Thursday, March 18, 2021

Seun Shote

 

Seun Shote as Ato in THE DILEMMA OF A GHOST, with Shonel Jackson

Everyone involved with Border Crossings will be deeply saddened to hear about the passing of Seun Shote, at the age of only 47.  There is a very full and warm obituary in The Guardian, so this blog post is specifically about the time he worked with us, playing the leading role of Ato in our production of The Dilemma of a Ghost by Ama Ata Aidoo, back in 2007. Seun was at the centre of a rich and challenging casting mix, with four performers from the National Theatre of Ghana, and two young Black British women straight out of drama school.  This meant he was the most experienced cast member with regard to UK theatre, and it was very beautiful to see how carefully and tactfully he took on a mentoring role towards Shonel Jackson and Anniwaa Buachie, without ever assuming any higher status. At the same time, he offered a cultural bridge for the Ghanaian performers, making their first foray into Europe: as a British man with Nigerian heritage, he was deeply sensitive to their West African culture and expectations. He made my job as director a whole lot easier.  

Seun's warmth and good humour made the tour of that production the most joyful and carefree I can remember. Touring is exhausting, potentially stressful and often challenging - you need a cast who understand how to look after one another, and Seun did that in spades.  

His performance as Ato drew off his understanding of African and Western cultures with great sensitivity. Ato is the "One Scholar" who has returned to Ghana after studying in the States, carrying the hopes and expectations of his family. Watching him negotiate the complexities of that dilemma was an object lesson in the complex performance of the globalised moment. He was also incredibly funny - the great scene in which Ato breaks to his family the news that he has married an American woman was guaranteed to set the audience roaring with laughter, as Seun sat with a huge forced grin on his face in response to the demonstrative expressions of horror erupting all around him.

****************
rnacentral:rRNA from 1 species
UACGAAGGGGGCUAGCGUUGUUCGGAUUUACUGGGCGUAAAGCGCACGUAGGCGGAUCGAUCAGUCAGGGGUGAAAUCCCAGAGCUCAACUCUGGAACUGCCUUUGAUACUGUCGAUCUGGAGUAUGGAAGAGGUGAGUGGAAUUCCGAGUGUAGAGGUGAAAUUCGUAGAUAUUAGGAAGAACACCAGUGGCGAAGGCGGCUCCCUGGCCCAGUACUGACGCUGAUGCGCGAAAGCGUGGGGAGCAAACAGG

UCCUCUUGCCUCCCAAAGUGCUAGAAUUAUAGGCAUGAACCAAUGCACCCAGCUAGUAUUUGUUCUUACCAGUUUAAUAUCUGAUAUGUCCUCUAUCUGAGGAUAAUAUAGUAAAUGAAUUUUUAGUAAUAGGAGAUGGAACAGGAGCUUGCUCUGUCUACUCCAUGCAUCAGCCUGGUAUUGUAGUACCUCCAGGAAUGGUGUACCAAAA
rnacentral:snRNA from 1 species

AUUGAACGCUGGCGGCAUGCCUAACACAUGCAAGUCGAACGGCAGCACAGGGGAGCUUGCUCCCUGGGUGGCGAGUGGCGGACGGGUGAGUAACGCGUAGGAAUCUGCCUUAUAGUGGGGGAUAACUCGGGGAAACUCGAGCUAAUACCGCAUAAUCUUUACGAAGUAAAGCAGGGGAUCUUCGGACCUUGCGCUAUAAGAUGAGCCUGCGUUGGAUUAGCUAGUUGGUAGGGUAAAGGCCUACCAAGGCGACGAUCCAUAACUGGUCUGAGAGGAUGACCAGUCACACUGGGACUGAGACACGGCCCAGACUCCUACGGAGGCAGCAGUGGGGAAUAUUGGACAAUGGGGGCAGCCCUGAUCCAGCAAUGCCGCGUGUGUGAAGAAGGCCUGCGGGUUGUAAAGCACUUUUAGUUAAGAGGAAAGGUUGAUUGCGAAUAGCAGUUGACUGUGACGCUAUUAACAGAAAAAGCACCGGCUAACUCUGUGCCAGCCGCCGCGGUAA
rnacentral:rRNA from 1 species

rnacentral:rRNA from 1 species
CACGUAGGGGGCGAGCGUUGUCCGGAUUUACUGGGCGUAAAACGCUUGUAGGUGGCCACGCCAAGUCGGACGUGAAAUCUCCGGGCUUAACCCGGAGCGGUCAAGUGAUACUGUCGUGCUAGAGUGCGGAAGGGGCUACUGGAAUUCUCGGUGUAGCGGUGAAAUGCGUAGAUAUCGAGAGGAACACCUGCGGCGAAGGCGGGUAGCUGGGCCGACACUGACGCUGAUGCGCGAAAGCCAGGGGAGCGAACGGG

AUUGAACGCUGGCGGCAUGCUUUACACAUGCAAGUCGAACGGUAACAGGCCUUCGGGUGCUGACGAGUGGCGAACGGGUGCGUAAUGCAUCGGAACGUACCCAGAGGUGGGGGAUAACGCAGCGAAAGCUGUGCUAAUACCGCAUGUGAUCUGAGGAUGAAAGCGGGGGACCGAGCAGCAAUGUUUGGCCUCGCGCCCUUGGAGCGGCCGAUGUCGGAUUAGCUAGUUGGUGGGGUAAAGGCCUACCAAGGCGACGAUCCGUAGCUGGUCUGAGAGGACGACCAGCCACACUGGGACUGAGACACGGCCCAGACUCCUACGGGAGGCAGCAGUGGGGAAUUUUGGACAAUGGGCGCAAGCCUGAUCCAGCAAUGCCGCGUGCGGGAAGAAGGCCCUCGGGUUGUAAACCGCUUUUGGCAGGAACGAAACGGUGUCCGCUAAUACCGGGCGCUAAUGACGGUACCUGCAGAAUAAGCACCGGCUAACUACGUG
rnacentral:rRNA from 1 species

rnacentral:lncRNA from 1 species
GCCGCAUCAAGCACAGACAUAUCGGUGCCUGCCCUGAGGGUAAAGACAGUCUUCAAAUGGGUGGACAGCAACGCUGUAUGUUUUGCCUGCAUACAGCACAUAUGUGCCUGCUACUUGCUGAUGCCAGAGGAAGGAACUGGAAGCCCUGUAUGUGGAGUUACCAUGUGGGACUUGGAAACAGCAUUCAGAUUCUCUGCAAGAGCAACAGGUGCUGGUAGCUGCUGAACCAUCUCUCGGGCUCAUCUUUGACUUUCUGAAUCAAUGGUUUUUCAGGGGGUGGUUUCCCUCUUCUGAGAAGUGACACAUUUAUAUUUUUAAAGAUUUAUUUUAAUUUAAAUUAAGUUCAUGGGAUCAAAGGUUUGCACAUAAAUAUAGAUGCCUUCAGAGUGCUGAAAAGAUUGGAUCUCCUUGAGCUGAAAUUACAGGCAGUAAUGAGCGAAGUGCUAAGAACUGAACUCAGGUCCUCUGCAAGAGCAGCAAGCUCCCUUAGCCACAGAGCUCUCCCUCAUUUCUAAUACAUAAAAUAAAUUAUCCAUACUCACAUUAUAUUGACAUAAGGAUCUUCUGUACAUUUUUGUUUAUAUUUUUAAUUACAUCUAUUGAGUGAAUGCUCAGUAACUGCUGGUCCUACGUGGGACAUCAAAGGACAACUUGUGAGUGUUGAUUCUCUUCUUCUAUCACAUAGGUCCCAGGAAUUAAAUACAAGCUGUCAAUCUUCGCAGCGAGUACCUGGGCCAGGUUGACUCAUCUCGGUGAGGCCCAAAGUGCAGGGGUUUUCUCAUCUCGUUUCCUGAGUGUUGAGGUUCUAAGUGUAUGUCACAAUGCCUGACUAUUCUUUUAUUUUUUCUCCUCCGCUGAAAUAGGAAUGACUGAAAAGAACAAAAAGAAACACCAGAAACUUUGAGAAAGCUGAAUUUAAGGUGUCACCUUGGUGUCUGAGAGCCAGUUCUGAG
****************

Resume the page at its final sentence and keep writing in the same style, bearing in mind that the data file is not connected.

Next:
He was a fine actor and a precious soul, whose unexpected death at such a young age is a cause for great sorrow. With the ancestors.  

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A donations page has been set up in Seun's memory, as he leaves a young family.  

2 comments:

Kate Stafford said...

A wonderful tribute, Michael. I am still reeling from this terrible news. I first met Seun in the nineties when we were both members of IML, a co-op agency. He was at the start of his career, and an incredibly supportive and able company member. Since then our paths crossed many times - he was the lead in my friend Smith Likongwe's play at the Traverse in Edinburgh, he toured with my company during Afrovibes, performing the lead in a Mike van Graan rehearsed reading. I saw him in Death and the King's Horseman at the National (playing in whiteface!) and he joined Bilimankhwe as an Associate for several years. Did he come to Border Crossings through my recommendation, or was that another co-incidence? I can't remember now. Such a great person to have in the rehearsal room - intellectually incredibly sharp, morally courageous and a talented actor. I am so so sad that he has gone, way too soon. I was looking forward to working with him again one day.

Michael Walling said...

It was indeed your recommendation, Kate.